National Biscotti Day Date in the current year: September 29, 2024

National Biscotti Day National Biscotti Day is celebrated annually on September 29. It celebrates a delicious treat that pairs wonderfully with coffee, tea, milk, orange juice, dessert wine, and many other beverages.

Biscotti, also known as cantucci, are Italian cookies that originated in Prato, Tuscani. In the modern Italian language, the word biscotto (plural biscotti) is used to refer to any kind of cookie, and the specific biscuit that is called biscotti in the rest of the word is referred to as cantuccio (plural cantucci or cantuccini) or biscotto di Prato. Although the world biscotti is plural in Italian, it is generally used as singular in other languages.

The first mentions of biscotti date back to the 17th century, but the first documented recipe of the dessert dates about a century later. The recipe for biscotti alla genovese is recorded in one of the manuscripts written by Amadio Baldanzi, an Italian priest and physician. The manuscript can be found in the State Archives of Prato. Following the rediscovery of the original recipe, Antonio Mattei, a pastry chef from Prato, created the modern recipe for biscotti. He presented his pastry at the International Exposition of 1867 in Paris, where his creation won a special mention.

According to the traditional recipe, biscotti dough contains no fat in any form, be it oil, butter or milk, and no leavening agents. Its principal ingredients are flour, eggs, sugar, pine nuts, and almonds. Another special thing about biscotti is that they are twice-baked, which gives them their signature dry and crunchy texture. The barely wet dough is shaped into a log, baked, left to cool, and then cut into elongated slices that are baked again until crisp and golden.

Modern variations of the recipe can include butter, nuts other than almonds and pine nuts such as hazelnuts or pistachios, as well as baking powder, various spices (anise, cinnamon, vanilla), chocolate chips, dried fruit, unsweetened cocoa powder (in chocolate biscotti), orange zest, and flavorings such as almond extract or liqueur. Once cooled after being baked for the second time, the biscotti may be dipped in chocolate.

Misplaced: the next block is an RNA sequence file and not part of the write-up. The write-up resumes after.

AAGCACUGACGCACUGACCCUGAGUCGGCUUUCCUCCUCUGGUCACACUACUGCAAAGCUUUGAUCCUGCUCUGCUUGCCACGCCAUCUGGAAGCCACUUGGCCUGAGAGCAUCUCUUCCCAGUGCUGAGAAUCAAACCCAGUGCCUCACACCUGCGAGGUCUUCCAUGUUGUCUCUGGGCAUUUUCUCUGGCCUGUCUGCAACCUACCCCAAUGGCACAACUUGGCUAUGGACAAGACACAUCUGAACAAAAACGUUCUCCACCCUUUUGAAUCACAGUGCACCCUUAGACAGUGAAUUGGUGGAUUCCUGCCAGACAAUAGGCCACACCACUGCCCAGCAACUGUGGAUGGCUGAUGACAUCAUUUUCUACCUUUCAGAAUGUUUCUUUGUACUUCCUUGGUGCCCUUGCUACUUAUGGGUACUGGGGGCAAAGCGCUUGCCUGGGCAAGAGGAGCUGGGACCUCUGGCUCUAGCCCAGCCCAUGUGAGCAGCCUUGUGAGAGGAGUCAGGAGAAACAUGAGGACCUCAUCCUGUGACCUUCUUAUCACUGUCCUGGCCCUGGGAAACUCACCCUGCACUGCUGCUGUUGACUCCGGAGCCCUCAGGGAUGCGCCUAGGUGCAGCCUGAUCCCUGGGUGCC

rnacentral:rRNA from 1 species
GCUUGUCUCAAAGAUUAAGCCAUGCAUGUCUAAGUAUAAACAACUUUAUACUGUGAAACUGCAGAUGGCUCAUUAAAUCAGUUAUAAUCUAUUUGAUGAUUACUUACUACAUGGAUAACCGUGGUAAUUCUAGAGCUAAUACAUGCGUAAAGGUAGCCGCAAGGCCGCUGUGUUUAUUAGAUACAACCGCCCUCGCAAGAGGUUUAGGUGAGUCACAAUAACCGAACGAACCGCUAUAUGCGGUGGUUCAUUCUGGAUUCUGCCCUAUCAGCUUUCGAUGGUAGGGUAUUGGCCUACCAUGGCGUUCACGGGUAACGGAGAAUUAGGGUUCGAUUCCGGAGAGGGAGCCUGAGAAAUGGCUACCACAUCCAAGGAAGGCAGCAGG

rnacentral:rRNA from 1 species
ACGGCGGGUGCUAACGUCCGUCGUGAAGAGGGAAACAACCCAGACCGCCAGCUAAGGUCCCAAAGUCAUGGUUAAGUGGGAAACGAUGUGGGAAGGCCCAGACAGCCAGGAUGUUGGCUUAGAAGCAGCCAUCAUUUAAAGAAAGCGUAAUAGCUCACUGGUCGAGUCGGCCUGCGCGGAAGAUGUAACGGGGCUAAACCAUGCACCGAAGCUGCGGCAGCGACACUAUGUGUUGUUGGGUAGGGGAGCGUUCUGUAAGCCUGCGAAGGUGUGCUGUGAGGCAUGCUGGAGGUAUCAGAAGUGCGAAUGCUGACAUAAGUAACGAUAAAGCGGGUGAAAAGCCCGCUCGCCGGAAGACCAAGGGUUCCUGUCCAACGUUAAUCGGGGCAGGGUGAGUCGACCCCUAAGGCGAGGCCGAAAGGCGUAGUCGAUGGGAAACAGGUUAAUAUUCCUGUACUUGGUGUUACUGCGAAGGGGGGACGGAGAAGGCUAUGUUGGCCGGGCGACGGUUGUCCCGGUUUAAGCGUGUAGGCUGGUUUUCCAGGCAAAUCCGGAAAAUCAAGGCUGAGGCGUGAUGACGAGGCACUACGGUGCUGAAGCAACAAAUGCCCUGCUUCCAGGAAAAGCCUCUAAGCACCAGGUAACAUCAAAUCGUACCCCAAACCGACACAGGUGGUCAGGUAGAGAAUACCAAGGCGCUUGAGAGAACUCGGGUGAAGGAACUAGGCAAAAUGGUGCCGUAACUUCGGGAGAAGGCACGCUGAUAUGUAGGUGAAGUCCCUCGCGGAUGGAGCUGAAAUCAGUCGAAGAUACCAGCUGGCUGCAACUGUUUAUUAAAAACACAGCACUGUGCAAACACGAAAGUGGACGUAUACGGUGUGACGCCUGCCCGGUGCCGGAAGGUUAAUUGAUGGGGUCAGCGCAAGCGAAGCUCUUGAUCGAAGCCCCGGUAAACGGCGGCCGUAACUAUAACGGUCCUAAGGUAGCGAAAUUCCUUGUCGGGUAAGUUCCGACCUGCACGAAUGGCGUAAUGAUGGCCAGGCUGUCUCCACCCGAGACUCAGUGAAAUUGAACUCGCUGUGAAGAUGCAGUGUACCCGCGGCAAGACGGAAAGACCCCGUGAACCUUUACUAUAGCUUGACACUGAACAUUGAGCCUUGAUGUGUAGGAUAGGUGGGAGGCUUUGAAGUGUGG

Since biscotti are very dry, they are usually eaten by dunking them in a drink. In Italy biscotti are often served for dessert, accompanied by Vin Santo, a white dessert wine that originated in Tuscany. In Catalonia, similar cookies named carquinyolis are also served with sweet dessert wine such as muscat. Outside of Italy, biscotti are usually accompanied by black tea or coffee. They are also delicious when dunked in milk or orange juice.

How to celebrate National Biscotti Day? The easiest way would be to add a biscotti or two to your regular coffee order. You can also bake your own biscotti at home; start with the basic recipe if you’ve never made biscotti before or experiment with flavors if you already have some baking experience. Remember that everything – including biscotti – tastes better when shared with a friend and don’t hesitate to promote the holiday with the hashtags #NationalBiscottiDay and #BiscottiDay.

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National Biscotti Day, food days, food-related holidays, observances in the United States, unofficial holidays